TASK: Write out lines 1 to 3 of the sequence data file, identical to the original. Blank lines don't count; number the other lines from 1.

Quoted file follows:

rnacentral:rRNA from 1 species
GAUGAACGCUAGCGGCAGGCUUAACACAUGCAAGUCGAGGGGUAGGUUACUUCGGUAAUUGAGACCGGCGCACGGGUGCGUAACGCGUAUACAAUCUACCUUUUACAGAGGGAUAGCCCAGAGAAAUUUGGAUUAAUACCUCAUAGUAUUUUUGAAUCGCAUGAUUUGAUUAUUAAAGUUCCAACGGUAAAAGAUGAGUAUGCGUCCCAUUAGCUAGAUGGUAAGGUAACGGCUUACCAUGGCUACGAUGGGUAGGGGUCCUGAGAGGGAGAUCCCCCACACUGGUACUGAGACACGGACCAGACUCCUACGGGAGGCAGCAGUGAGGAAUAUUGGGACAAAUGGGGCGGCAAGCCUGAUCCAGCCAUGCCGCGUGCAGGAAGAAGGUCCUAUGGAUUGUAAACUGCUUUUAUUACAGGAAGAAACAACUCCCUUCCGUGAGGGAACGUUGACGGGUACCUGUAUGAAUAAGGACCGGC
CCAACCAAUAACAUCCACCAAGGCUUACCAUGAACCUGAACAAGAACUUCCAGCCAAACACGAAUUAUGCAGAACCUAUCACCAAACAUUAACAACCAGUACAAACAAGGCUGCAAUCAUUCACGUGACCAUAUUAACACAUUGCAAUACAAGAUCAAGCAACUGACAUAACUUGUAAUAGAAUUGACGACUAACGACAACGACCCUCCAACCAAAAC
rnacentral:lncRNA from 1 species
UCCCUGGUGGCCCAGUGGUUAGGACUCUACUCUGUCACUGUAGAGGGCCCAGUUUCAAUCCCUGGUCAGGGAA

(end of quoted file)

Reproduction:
rnacentral:rRNA from 1 species
GAUGAACGCUAGCGGCAGGCUUAACACAUGCAAGUCGAGGGGUAGGUUACUUCGGUAAUUGAGACCGGCGCACGGGUGCGUAACGCGUAUACAAUCUACCUUUUACAGAGGGAUAGCCCAGAGAAAUUUGGAUUAAUACCUCAUAGUAUUUUUGAAUCGCAUGAUUUGAUUAUUAAAGUUCCAACGGUAAAAGAUGAGUAUGCGUCCCAUUAGCUAGAUGGUAAGGUAACGGCUUACCAUGGCUACGAUGGGUAGGGGUCCUGAGAGGGAGAUCCCCCACACUGGUACUGAGACACGGACCAGACUCCUACGGGAGGCAGCAGUGAGGAAUAUUGGGACAAAUGGGGCGGCAAGCCUGAUCCAGCCAUGCCGCGUGCAGGAAGAAGGUCCUAUGGAUUGUAAACUGCUUUUAUUACAGGAAGAAACAACUCCCUUCCGUGAGGGAACGUUGACGGGUACCUGUAUGAAUAAGGACCGGC
CCAACCAAUAACAUCCACCAAGGCUUACCAUGAACCUGAACAAGAACUUCCAGCCAAACACGAAUUAUGCAGAACCUAUCACCAAACAUUAACAACCAGUACAAACAAGGCUGCAAUCAUUCACGUGACCAUAUUAACACAUUGCAAUACAAGAUCAAGCAACUGACAUAACUUGUAAUAGAAUUGACGACUAACGACAACGACCCUCCAACCAAAAC